Far more common in northern climates where air conditioning is less important, radiant heat works by warming radiators along the outside walls or the floors below your feet. The heat can come from electric-resistance coils in radiators (inexpensive to install, but often quite expensive to run) or by hydronics. Hydronic heating works by pumping water heated in a boiler through pipes to radiators along outside walls or through plastic PEX tubing laid in the subfloor.
The chief advantage of installing radiant floor heat is that it doesn’t blow air around, creating a more consistent warmth. The main disadvantage is that there are no ducts, so you’ll need a parallel system if you want cooling as well.
One type of heat whose popularity has grown by leaps and bounds is the heat pump. A heat pump is essentially an air conditioner run in reverse. Air conditioners take heat from inside the house and dump that heat outside. Heat pumps take heat from outside (believe it or not, there is still heat in even very cold air) and dump it inside.
Most heat pumps take heat from the air, but some, called ground-source heat pumps, get it from coils placed in drilled wells or buried in trenches. Air-source heat pumps are far cheaper to install. Today’s heat pumps deliver warmth even when the air outside is well below zero. The best heat pumps deliver in the neighborhood of 2.5 watts of heat for each watt of electricity used to run the system. And, heat pumps are reversible to work as air conditioners.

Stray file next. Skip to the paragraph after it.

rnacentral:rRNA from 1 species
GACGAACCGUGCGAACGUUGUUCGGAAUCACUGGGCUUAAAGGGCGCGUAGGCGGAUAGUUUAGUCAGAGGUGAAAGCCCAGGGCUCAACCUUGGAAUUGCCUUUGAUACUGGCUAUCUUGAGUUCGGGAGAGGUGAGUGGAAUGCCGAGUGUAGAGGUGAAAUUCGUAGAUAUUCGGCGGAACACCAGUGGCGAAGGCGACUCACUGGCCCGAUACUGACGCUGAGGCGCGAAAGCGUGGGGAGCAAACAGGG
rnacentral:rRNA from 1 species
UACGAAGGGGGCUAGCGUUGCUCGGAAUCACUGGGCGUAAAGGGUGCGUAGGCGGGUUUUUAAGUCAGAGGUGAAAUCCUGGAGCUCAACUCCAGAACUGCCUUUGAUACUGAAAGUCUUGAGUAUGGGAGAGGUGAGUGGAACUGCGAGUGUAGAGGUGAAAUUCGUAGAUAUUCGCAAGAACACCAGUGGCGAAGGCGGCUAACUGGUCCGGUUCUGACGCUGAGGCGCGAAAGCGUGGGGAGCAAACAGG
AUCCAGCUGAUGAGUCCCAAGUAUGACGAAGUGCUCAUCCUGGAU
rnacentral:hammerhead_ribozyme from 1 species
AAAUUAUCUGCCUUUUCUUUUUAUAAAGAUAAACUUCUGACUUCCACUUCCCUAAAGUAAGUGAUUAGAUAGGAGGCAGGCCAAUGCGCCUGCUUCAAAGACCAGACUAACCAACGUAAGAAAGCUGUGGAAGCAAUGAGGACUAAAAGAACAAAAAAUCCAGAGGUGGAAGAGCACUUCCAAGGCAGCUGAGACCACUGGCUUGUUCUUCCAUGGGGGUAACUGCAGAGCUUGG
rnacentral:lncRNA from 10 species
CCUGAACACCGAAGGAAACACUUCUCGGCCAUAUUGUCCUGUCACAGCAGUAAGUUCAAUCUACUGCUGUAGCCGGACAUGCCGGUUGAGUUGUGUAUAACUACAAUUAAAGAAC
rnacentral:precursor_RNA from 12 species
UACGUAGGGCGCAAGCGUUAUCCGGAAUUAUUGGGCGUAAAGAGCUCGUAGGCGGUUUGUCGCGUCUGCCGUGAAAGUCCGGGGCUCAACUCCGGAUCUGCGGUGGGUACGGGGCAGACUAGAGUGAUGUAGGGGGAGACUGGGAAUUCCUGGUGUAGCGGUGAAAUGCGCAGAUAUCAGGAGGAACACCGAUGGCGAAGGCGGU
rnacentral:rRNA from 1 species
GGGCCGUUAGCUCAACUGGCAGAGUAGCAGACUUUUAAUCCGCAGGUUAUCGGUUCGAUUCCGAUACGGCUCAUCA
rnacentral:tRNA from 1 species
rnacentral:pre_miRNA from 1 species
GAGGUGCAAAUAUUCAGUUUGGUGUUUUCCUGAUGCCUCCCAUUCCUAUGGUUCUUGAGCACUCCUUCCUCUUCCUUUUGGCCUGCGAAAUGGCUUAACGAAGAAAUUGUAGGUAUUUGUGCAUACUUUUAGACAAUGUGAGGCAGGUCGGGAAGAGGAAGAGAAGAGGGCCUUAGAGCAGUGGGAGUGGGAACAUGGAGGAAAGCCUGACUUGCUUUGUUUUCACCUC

Heat pumps can replace the furnace and heat exchanger in a conventional forced-air system or they can be installed as mini-splits. Mini-splits use wall-mounted heads with their own fans to circulate air. Many homeowners install mini-splits to retrofit air conditioning and end up using them for winter heat as well because they’re cheaper to run than existing gas or oil heat systems.
In cooling mode, heat pumps use the same Seasonal Energy Efficiency Rating (SEER) as air conditioners. The minimum code-allowed SEER is now about 15, and better units approach SEERs of 27. In heat mode, the Heating Season Performance Factor (HSPF) is used. The code-minimum is 7.7, and you can get units with HSPFs as high as 12.5.
Maintenance Requirements Vary Across Heating Systems
Maintenance is important to make sure your heating system is working properly.
Any forced-air system will require dirty air filters to be replaced with new air filters at least twice a year. A dirty filter inhibits air flow in the system, preventing it from functioning efficiently. The good news is that inspecting and replacing air filters are easy tasks that any homeowner can handle. Gas-fired furnaces and boilers won’t need much maintenance—a visit every few years is usually enough.
Oil-fired equipment should be serviced annually. Get trained technicians to do this work. They know what problems can develop as a heating system ages, and they can do the servicing work to optimize system performance and longevity.